Rent Freeze Welcomed

02/01/2015 08:52

The Consumer Council of Fiji welcomes the State-decision to extend rent freeze on residential property for another year (ending on 31 December 2015).

As such property owners of residential dwellings who have let out their premises for rent toindividuals/families cannot increase rent above the level that was applicable to the same premises asat 31 December2014.

Rent freeze will protect consumers from unreasonable rent hike considering many Fijian consumersare still struggling to have access to decent but low-cost housing. With such a policy to controlresidential rent hike, many consumers can breathe a sigh of relief that they don’t have to fork outextra money for rent.

The Council is issuing a fresh reminder to all landlords to refrain from increasing rent on theirresidential properties unless approved by the Fiji Commerce Commission.The ploy to beat thesystem is well known to the Council where landlords in the past, gave eviction notice to existingtenants as a way to increase the rent for new tenants who have no idea that the rent has gone up.

Landlords must comply with the Rent Freeze Order as any non compliance can lead to prosecution bythe Fiji Commerce Commission. Property owners are at liberty to establish initial rent but any increase inrent after that must be endorsed by the Fiji Commerce Commission.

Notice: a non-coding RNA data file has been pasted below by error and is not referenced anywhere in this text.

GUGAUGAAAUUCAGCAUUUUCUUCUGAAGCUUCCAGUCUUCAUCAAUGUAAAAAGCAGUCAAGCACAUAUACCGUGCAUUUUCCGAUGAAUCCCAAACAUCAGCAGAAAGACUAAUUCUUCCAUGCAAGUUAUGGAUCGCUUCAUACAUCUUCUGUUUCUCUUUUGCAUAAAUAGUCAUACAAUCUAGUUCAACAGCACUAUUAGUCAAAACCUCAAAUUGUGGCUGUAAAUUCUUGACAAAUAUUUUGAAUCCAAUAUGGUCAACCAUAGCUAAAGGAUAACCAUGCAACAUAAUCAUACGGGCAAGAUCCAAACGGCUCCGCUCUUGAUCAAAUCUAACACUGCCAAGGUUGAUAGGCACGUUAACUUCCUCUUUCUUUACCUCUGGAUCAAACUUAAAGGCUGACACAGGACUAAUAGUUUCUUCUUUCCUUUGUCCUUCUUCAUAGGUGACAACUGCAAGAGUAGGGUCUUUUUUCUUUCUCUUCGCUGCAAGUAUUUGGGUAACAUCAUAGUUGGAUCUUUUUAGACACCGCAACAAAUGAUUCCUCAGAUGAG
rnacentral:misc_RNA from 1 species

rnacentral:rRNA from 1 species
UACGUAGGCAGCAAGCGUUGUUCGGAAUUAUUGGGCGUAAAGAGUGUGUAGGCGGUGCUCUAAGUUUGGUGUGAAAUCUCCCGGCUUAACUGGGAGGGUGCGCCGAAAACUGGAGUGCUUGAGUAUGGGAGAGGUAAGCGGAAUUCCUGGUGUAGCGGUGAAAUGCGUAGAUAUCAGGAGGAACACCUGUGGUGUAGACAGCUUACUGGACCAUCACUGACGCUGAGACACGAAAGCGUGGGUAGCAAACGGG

The Council also applauds the assurance given by the Ministry of Industry, Trade and Tourismtowards developing legislation on residential tenancy that will provide appropriate level ofprotection to both tenants and the landlords.

The Council would like to remind tenants that they will now be required to pay only $10 for stampduty per tenancy agreement if their monthly rental is below $700; rent ranging from $700 to $1,500will be required to pay $20 as stamp duty and rental rate above $1,500 will be required to pay $500for stamp duty.

Tenants are encouraged to approach the Council or the Fiji Commerce Commission to lodge theircomplaints if they are subjected to an unfair rental increase or stamp duty charges.